I list my recommendation if you were my friend, my overall thoughts and then list the 2 things I liked best and the 2 things I liked least about the book. This is not conclusion, rather a 1 min review.
Recommendation - If you are not knowledgeable about science or how science interacts with everyday items in our lives, then you will get a lot from this book
Overall, this is for the laymen with little or only basic science knowledge. Although I have some friends with chemistry master degrees who did not know some of these things. I would read this book every year because it is practical.
1. The description and explanations in the book are spoken as if your friend was explaining the weather, it is very basic and uses common words and even better yet, uses everyday examples
2. I enjoyed the common examples like how there is no difference in salt no matter the color or where it is it from!! Or what makes a non-stick pan non-stick and how it is not our mothers non-stick pan.
1. There is little to say here. I am not sure how the author chose his topics, some seemed abstract and most were not related.
2. There really was nothing major I did not like about this book. It will come down to personal preference.
Most definitely. Alton Brown's show Good Eats gave us an introduction to food science in his shows. Now Robert Wolke gives us even more explanation on the subject. It is so fascinating!
The way the material was presented in the way of questions and answers with science and humor thrown in.
Can't pick a favorite question. There are a lot of intriguing ones! Some I've seen before on Good Eats, and some that I've never thought of.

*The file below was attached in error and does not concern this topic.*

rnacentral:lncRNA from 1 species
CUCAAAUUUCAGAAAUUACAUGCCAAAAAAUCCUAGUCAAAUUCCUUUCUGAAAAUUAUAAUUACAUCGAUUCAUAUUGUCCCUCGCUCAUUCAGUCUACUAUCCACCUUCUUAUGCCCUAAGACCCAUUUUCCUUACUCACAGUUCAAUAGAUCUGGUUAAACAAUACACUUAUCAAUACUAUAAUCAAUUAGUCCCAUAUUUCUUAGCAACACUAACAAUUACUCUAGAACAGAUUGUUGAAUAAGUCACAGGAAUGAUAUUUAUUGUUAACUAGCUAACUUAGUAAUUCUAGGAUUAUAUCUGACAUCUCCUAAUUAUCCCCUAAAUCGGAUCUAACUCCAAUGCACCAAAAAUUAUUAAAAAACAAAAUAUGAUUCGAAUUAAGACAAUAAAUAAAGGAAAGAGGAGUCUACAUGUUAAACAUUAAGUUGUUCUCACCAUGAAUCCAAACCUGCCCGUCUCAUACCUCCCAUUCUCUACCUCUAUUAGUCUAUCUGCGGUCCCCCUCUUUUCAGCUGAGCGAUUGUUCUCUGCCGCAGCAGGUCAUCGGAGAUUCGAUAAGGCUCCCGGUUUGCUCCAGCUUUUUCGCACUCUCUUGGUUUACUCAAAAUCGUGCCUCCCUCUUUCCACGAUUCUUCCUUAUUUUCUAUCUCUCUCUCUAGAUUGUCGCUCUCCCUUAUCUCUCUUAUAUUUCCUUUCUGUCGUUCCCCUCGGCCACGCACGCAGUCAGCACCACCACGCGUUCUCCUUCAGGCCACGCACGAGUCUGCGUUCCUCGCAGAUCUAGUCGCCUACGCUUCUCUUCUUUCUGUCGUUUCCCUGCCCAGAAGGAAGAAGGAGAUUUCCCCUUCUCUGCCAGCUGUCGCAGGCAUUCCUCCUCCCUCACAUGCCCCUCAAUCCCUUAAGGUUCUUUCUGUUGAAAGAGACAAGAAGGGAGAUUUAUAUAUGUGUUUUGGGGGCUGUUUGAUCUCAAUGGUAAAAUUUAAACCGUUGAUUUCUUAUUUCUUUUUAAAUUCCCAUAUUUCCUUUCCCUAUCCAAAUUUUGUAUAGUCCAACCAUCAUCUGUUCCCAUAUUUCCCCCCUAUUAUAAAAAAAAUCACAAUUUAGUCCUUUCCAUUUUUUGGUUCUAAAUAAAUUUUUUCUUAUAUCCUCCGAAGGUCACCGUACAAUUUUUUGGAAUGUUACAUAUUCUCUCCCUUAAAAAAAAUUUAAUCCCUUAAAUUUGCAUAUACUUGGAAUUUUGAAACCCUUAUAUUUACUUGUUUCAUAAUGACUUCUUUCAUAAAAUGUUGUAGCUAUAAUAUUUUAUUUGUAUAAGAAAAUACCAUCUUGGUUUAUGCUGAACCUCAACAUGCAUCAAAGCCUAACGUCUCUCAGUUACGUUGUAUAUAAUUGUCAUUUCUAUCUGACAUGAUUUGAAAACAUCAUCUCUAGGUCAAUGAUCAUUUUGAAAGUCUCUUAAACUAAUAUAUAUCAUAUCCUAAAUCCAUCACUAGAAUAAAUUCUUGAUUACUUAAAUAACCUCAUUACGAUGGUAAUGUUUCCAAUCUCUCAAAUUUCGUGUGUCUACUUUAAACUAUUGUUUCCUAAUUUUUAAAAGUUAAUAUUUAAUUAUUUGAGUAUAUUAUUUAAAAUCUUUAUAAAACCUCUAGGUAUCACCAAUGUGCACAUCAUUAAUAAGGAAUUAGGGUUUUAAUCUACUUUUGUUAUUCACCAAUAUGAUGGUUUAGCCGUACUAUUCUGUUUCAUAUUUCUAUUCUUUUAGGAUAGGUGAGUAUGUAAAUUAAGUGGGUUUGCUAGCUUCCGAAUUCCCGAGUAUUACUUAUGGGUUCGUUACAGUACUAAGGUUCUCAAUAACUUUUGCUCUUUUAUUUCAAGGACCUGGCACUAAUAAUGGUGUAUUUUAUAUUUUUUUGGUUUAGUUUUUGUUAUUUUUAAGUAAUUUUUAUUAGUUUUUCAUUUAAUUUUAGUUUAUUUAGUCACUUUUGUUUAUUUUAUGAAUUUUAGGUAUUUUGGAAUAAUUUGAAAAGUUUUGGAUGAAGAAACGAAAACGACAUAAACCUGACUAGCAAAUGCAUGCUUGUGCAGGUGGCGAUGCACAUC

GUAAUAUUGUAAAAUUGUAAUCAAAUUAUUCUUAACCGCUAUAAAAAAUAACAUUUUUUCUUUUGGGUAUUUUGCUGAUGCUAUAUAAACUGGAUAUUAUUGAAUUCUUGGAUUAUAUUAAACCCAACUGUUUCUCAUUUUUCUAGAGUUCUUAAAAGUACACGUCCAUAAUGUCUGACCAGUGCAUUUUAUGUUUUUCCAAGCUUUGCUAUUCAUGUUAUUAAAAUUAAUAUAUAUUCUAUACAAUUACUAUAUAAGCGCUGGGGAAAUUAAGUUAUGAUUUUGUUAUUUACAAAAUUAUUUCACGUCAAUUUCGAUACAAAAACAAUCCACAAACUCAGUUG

It was very hard to stop listening during some of the questions!
No, not unless he gets a much better editor (or gets an editor).
I did like the core information presented in this book... but this guys idea of a sense of humor wore me out. His joking writing style is constant and relentless.
Audible Obsessed wishes she had more time for so many audiobooks.
This was a hard book for me to finish, not because it was boring, but because it was hard for me. In his introduction the author says he will to try to make things easy for you to understand the book, but unfortunately, his attempts failed with me.
This is not a health or nutrition book. I was a little disappointed by this. This is a chemistry book. If you don't know much about chemistry, or don't remember what you learned in high school, I suggest you go to basic chemistry first.
The author tries to be funny and tries to tone things down for readers like me, but I think it wasn't enough, for I realized I need to get my chemistry together.
I did Learn interesting things here, but I have to away I retained very little information. It is a good book. I recommend it, but only if you commit to listen to it many times.
The lack of emotion in the narrator's voice makes the listen that much more funny.
The book is filled with a sometimes not so subtle sarcasm and that, although appealing to me, may not be appealing to others. Enoyed the book immensely!
I never read the printed version.
None. This is the best.
The part explaining pots and pans.
Report Inappropriate Content